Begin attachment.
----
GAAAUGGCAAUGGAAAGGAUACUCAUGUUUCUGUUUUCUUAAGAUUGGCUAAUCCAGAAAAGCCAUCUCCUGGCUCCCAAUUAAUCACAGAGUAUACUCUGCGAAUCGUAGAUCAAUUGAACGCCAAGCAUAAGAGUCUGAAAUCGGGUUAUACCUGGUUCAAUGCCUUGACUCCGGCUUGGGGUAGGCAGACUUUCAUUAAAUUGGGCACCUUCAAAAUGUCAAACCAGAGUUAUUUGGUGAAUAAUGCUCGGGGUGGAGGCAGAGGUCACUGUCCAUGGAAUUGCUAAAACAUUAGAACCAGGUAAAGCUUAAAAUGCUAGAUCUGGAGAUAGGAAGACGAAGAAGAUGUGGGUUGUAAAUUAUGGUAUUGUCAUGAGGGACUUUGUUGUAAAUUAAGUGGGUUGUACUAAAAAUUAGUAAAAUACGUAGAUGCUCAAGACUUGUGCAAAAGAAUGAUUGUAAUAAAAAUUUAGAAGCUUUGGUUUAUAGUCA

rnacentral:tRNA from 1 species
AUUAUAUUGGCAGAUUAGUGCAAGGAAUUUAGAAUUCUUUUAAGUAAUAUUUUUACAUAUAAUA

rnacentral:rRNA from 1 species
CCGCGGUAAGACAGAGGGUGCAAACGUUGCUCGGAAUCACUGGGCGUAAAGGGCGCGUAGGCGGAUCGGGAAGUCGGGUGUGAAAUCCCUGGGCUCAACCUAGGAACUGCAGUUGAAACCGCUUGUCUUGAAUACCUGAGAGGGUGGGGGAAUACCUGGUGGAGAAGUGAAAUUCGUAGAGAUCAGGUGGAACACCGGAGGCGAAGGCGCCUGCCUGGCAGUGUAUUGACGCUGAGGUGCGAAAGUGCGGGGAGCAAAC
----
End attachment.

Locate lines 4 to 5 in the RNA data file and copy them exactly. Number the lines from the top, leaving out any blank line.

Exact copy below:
rnacentral:rRNA from 1 species
CCGCGGUAAGACAGAGGGUGCAAACGUUGCUCGGAAUCACUGGGCGUAAAGGGCGCGUAGGCGGAUCGGGAAGUCGGGUGUGAAAUCCCUGGGCUCAACCUAGGAACUGCAGUUGAAACCGCUUGUCUUGAAUACCUGAGAGGGUGGGGGAAUACCUGGUGGAGAAGUGAAAUUCGUAGAGAUCAGGUGGAACACCGGAGGCGAAGGCGCCUGCCUGGCAGUGUAUUGACGCUGAGGUGCGAAAGUGCGGGGAGCAAAC